Now normally, it’s not recommended that you swim in fresh water in Africa because hippos and crocodiles are a serious hazard. But we were told this area of Lake Tanganyika was free from those animals. Which was good because it was SO hot in this part of western Tanzania that we’d spend much of the day sweating profusely, and the water was so perfectly cool and clean that to swim in there was irresistible.
But the very first day that Ben enjoyed a long morning swim, he saw a weird object only 50 meters in front of him. Not yet wearing his contacts and being unfamiliar with the shape, he watched it for a while, and could still hardly believe his eyes when a hippopotamus slowly emerged from the lake, walked across the narrow strip of beach and disappeared into the forest! Needless to say, Ben vacated the water very swiftly and did not swim again that day. We were all then assured by Anton that Ben’s sighting must have been the ‘once-per-year’ hippo and it would be perfectly safe for us to continue to bathe in the lake….
We had a wonderful and challenging few days of filming. Because the chimps were feeding on these tiny delicious berries called ‘monkey fruits’, they were very widely dispersed throughout the park. We were treated to much vigorous hiking but rewarded with some stellar chimpanzee moments. We’d gone from thinking we’d never get good footage, to getting some really beautiful sequences including fishing for termites!! But the highlight for me was filming at Jane’s house. It’s an incredibly humble home, nestled right in the forest just a few feet from the beach. It, like all the houses, has caged windows so the baboons and chimps can’t get inside. But it was filled with stacks of old books, bones, beach rocks, and other curious finds, that Jane and other researchers had accumulated over the years. To be there felt so special, and weirdly reverent, and the whole crew could feel it. We filmed a little sequence of me visiting the house and just as we finished, Ferdinand, the dominant male chimp in the community strolled right past the house! He didn’t seem particularly interested in us, just passing along the trail and going off into the forest. The sun was nearly setting, I was in the home of one of my all-time heroes, the cameras were rolling, and a chimp chose that moment to visit, and I thought: what did I ever do to get THIS lucky?!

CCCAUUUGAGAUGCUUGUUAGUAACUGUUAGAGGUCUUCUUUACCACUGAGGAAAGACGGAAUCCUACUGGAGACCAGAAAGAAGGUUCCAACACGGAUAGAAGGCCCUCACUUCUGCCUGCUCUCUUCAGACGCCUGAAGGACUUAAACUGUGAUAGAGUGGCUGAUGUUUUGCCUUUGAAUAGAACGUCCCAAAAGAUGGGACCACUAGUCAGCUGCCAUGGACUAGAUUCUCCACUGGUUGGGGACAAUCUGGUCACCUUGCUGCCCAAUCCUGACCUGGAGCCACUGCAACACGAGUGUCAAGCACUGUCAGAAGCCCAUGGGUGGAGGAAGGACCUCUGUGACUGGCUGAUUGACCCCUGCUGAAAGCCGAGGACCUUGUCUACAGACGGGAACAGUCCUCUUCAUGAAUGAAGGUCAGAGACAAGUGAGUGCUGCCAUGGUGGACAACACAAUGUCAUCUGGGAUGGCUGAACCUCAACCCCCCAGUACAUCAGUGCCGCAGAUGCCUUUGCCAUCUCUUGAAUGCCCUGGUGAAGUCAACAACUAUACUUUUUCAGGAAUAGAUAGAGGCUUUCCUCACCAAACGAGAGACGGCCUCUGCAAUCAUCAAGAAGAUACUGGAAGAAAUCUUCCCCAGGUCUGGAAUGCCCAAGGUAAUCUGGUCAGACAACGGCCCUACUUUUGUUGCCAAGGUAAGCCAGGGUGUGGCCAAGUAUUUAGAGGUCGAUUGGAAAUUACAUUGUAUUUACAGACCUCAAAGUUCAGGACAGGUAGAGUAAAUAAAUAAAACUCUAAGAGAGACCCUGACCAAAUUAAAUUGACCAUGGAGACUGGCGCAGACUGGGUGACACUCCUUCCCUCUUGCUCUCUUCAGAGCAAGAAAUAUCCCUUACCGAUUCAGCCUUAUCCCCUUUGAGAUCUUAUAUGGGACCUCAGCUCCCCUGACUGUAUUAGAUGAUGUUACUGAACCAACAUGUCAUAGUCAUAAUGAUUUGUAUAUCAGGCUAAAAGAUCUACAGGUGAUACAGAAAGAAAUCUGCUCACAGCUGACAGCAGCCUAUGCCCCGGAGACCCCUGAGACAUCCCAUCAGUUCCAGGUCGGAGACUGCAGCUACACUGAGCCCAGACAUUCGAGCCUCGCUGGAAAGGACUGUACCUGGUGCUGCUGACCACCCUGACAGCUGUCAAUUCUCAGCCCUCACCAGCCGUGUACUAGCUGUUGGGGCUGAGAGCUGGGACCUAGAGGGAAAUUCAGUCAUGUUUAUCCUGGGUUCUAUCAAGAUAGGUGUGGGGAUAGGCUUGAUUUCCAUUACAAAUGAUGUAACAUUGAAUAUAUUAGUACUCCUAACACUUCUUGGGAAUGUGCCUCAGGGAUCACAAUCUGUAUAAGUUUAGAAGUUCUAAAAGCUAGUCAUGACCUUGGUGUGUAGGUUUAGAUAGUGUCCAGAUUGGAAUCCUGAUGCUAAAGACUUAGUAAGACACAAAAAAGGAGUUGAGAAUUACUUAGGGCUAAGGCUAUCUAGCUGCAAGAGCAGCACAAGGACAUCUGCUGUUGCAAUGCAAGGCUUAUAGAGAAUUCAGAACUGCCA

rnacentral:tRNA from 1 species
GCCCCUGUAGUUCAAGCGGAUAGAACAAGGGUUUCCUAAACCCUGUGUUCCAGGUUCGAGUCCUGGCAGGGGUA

The guys were definitely riding the high of such a great afternoon of filming, and we joked around on the beach as we waited for ideal light for the final shot of me walking down the beach at sunset. I was so grateful that after being together nearly every waking minute of 70 days, running back and forth across Africa, thru fun times and some pretty tough times, we were not only still talking to one another, but joking around, laughing and generally enjoying this lovely little crew of ours. These guys had so graciously put up with my idiosyncracies (and each other’s) like true gentleman! As the sun set that night on Lake Tanganyika, it was also setting on this first film shoot. We’d done it! Our little crew of seven had filmed each of the African apes in the wild in 3D! And though we have a long way to go to finish this film, we can congratulate ourselves on being the first team to do it!
Ben swims in Lake Tanganyika and then 50 meters away a hippo gets out of the water and walks up the beach and Ben nearly s#@ts himself. (Photo by Mike Dillon).
Mark and Stu luxuriate in the lake after a long day of filming, hippos be damned (Photo by Ben Cunningham)
Holly at Jane Goodall’s house in Gombe National Park (Mike Dillon).
Sometimes the chimps like to visit Jane’s house, this one just happened to be the highest ranking male in the community, Ferdinand. (Photo by Mike Dillon).
Even after 70 days together in the field we’re still having a good time. I LOVE these guys! (Photo by Mike Dillon).
A perfect ending to our first film shoot (Photo by Ben Cunningham).